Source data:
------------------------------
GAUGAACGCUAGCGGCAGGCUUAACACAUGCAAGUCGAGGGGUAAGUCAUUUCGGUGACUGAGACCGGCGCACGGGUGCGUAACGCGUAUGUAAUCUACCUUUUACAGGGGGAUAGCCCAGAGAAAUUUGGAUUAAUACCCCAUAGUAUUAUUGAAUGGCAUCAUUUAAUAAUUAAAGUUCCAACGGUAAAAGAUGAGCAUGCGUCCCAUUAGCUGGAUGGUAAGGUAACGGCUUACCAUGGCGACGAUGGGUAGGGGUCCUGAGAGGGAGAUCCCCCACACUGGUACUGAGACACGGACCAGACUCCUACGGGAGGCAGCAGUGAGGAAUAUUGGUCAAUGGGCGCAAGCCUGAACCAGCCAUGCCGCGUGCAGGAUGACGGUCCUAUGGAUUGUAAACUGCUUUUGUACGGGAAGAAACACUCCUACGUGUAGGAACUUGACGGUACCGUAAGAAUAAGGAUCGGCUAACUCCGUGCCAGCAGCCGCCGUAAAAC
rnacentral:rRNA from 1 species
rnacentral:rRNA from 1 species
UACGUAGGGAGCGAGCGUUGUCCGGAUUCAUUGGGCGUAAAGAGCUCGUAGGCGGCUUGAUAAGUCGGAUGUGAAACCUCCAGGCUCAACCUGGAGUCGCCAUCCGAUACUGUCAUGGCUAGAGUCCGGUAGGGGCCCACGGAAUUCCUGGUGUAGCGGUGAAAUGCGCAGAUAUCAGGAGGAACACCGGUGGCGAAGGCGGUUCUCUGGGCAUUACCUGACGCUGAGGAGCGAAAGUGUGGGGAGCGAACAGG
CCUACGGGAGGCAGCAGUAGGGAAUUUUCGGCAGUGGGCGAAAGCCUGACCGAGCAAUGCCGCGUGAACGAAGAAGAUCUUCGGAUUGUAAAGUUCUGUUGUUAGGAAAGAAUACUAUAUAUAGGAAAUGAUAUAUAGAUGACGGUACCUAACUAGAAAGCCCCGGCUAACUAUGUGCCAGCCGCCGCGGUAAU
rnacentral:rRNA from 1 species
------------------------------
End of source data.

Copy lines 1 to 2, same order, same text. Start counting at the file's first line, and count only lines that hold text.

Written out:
GAUGAACGCUAGCGGCAGGCUUAACACAUGCAAGUCGAGGGGUAAGUCAUUUCGGUGACUGAGACCGGCGCACGGGUGCGUAACGCGUAUGUAAUCUACCUUUUACAGGGGGAUAGCCCAGAGAAAUUUGGAUUAAUACCCCAUAGUAUUAUUGAAUGGCAUCAUUUAAUAAUUAAAGUUCCAACGGUAAAAGAUGAGCAUGCGUCCCAUUAGCUGGAUGGUAAGGUAACGGCUUACCAUGGCGACGAUGGGUAGGGGUCCUGAGAGGGAGAUCCCCCACACUGGUACUGAGACACGGACCAGACUCCUACGGGAGGCAGCAGUGAGGAAUAUUGGUCAAUGGGCGCAAGCCUGAACCAGCCAUGCCGCGUGCAGGAUGACGGUCCUAUGGAUUGUAAACUGCUUUUGUACGGGAAGAAACACUCCUACGUGUAGGAACUUGACGGUACCGUAAGAAUAAGGAUCGGCUAACUCCGUGCCAGCAGCCGCCGUAAAAC
rnacentral:rRNA from 1 species